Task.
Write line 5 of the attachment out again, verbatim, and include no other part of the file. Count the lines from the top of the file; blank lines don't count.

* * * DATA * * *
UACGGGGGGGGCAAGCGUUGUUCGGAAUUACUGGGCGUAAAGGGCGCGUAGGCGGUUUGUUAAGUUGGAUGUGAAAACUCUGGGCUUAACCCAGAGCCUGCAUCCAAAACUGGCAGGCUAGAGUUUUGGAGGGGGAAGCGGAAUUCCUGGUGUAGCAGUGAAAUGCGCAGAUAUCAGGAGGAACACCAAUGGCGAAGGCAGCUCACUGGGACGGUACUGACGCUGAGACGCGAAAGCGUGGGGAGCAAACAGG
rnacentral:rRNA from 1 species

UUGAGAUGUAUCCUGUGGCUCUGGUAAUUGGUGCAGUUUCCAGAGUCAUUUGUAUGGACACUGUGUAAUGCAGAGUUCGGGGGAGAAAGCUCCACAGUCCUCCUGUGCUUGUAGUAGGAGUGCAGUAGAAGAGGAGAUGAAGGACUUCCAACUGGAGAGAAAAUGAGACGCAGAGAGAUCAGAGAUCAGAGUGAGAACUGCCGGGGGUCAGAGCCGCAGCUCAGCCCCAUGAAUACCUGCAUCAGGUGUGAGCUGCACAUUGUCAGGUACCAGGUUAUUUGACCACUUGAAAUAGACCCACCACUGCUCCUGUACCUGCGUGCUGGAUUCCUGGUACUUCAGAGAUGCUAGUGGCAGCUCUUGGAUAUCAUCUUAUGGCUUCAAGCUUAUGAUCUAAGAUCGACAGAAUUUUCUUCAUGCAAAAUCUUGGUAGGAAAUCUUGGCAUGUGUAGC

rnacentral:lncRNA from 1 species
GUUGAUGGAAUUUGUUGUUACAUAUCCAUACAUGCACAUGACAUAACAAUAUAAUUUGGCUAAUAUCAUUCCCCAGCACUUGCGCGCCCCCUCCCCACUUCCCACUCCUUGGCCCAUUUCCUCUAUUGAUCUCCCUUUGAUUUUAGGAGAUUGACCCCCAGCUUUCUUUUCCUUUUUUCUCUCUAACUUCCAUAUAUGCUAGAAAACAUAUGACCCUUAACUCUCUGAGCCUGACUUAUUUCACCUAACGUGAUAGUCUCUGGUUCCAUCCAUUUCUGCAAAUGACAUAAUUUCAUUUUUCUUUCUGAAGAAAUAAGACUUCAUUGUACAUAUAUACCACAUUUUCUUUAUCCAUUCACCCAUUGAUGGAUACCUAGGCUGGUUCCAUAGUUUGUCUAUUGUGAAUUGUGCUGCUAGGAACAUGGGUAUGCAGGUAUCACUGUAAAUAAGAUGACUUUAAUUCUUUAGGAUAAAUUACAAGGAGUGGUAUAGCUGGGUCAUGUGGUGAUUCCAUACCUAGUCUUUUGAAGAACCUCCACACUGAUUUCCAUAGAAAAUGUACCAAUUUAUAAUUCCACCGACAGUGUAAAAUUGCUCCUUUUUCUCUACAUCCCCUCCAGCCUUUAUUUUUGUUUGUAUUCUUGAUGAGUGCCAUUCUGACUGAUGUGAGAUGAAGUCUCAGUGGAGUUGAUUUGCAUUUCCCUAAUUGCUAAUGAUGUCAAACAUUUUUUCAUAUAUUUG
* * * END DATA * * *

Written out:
GUUGAUGGAAUUUGUUGUUACAUAUCCAUACAUGCACAUGACAUAACAAUAUAAUUUGGCUAAUAUCAUUCCCCAGCACUUGCGCGCCCCCUCCCCACUUCCCACUCCUUGGCCCAUUUCCUCUAUUGAUCUCCCUUUGAUUUUAGGAGAUUGACCCCCAGCUUUCUUUUCCUUUUUUCUCUCUAACUUCCAUAUAUGCUAGAAAACAUAUGACCCUUAACUCUCUGAGCCUGACUUAUUUCACCUAACGUGAUAGUCUCUGGUUCCAUCCAUUUCUGCAAAUGACAUAAUUUCAUUUUUCUUUCUGAAGAAAUAAGACUUCAUUGUACAUAUAUACCACAUUUUCUUUAUCCAUUCACCCAUUGAUGGAUACCUAGGCUGGUUCCAUAGUUUGUCUAUUGUGAAUUGUGCUGCUAGGAACAUGGGUAUGCAGGUAUCACUGUAAAUAAGAUGACUUUAAUUCUUUAGGAUAAAUUACAAGGAGUGGUAUAGCUGGGUCAUGUGGUGAUUCCAUACCUAGUCUUUUGAAGAACCUCCACACUGAUUUCCAUAGAAAAUGUACCAAUUUAUAAUUCCACCGACAGUGUAAAAUUGCUCCUUUUUCUCUACAUCCCCUCCAGCCUUUAUUUUUGUUUGUAUUCUUGAUGAGUGCCAUUCUGACUGAUGUGAGAUGAAGUCUCAGUGGAGUUGAUUUGCAUUUCCCUAAUUGCUAAUGAUGUCAAACAUUUUUUCAUAUAUUUG